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The uncertainty of science: A new model for the universe that omits dark energy produces a better fit to what is know than previous theories that included it.
The new theory, dubbed timescape cosmology, includes the known lumpiness of the universe, while the older traditional models that require dark energy do not.
Timescape cosmology has no dark energy. Instead, it includes variations in the effects of gravity caused by the lumpiness in the structure in the universe. Clocks carried by observers in galaxies differ from the clock that best describes average expansion once variations within the universe (known as “inhomogeneity” in the trade) becomes significant. Whether or not one infers accelerating expansion then depends crucially on the clock used. “Timescape cosmology gives a slightly better fit to the largest supernova data catalogue than Lambda Cold Dark Matter cosmology,” says Wiltshire.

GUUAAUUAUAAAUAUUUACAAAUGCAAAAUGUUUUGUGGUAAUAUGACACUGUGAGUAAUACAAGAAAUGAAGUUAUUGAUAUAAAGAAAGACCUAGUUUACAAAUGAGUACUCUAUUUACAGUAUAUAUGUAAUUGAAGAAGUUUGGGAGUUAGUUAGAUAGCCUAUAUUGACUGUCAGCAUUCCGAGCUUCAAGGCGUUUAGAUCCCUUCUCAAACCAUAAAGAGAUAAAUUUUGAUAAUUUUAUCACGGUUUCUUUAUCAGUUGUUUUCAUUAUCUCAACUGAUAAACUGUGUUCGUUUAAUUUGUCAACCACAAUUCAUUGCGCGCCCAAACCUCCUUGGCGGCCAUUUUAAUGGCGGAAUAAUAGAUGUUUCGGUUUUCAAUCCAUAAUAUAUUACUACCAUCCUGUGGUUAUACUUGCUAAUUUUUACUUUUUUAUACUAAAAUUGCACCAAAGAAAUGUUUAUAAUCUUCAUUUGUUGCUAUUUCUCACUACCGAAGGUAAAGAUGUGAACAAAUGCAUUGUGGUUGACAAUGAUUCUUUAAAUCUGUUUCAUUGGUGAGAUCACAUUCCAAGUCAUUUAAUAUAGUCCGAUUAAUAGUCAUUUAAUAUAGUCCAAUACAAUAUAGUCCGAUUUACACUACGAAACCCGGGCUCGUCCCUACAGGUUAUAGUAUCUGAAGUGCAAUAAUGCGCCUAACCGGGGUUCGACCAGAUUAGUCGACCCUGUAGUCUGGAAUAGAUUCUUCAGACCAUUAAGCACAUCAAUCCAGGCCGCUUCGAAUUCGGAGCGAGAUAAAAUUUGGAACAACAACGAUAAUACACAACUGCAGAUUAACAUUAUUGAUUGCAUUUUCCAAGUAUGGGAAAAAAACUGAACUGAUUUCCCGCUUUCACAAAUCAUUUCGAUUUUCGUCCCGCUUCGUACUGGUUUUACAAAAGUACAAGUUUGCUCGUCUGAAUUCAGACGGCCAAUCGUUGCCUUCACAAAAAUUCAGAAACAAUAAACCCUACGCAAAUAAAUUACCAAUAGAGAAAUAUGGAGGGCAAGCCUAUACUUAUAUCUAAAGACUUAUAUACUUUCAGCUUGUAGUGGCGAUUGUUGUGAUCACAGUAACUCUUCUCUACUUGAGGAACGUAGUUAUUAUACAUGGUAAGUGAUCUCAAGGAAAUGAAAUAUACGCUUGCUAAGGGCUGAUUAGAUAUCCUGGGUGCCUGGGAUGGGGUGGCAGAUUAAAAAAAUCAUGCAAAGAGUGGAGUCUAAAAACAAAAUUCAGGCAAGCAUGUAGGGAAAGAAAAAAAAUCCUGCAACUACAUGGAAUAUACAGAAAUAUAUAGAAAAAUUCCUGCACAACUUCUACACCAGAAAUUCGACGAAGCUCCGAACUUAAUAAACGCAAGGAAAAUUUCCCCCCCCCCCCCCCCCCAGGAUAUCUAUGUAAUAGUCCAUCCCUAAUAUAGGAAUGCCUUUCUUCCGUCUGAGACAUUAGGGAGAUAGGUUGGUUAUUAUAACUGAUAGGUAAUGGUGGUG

He admits the statistical evidence is not yet strong enough to definitively rule in favour of one model over the other, and adds that future missions such as the European Space Agency’s Euclid spacecraft will have the power to distinguish between differing cosmology models.
Both models rely on a very weak data set, based on assumptions about Type 1a supernovae that are likely wrong. It is thus likely that neither explains anything, as neither really has a good picture of the actual universe.